The kittens were more suspicious of the bubbles. Harris was braver and encountered them first. I put some bubbles on the rim of the tub and he stood on his hind legs and took a swipe at them, getting bubbles on his nose. He made a face and retreated. He did this a couple more times, swatting at the bubbles that landed on the floor long after they'd vanished. I looked over the side of the tub and he gazed back with a bitter expression. Bubbles are lousy toys, according to Harris. Less rewarding than a laser beam.
Toffee was entranced by the bubbles but cautious, staring from a distance with huge, black, dilated pupils. He stood to investigate, balancing delicately with one paw as he took slow practice swings with the other, waving his paw nowhere near the bubbles on the tub rim. He finally made contact and survived. Then he decided to taste them.*
I tried some, too; they tasted very faintly of Philsophy's grapefruit scent. Toffee took quite a few nibbles, swiped bravely at the bubbles that floated in the tub, and quickly grew jaded. Bath bubbles are not fascinating for long, I learned, but I will get a wand and try blowing soap bubbles for the cats one of these days.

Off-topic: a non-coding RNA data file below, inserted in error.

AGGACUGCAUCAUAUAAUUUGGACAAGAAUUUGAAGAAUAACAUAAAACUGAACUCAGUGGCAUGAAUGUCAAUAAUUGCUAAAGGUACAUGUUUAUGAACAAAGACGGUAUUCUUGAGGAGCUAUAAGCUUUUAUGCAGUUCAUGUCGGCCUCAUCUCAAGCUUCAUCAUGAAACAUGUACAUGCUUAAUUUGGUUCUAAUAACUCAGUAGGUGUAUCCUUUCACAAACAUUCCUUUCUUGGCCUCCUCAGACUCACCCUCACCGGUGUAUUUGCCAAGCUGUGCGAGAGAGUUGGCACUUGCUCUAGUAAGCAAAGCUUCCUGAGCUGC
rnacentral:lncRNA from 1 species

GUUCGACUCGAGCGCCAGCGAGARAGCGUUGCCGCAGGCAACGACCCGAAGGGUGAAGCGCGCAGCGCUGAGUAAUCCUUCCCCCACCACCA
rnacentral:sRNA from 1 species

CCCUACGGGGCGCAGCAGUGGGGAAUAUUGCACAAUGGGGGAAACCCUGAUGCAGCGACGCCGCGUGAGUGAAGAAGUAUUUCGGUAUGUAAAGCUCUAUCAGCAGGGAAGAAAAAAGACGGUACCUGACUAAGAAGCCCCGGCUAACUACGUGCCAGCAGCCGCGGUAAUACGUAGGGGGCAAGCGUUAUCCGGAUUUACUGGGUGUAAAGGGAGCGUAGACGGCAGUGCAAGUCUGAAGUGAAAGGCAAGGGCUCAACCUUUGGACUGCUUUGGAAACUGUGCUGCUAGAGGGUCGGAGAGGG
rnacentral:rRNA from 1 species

I opened the drain. It started glugging loudly; both kittens took off but quickly returned when they heard the shower. They left little wet prints all over the floor.
* Toffee is adventurous in his eating habits. He steals milk from our glasses and eats roses if I'm not careful. He also likes chevre, Gruyère, cheddar, mozzarella, Robiola, and American cheeses, as does Harris. I finally have the makings of a working Cheese Patrol after Wendy and Possum proved to be such disappointments. Toffee is also interested in bread, cookies, and cakes. Researchers claim they have proven that cats can't taste or appreciate sweet things. I say cats are smarter than those researchers. Cats know that, if we swallow that theory, we'll leave more cookies and muffins lying around to be nibbled.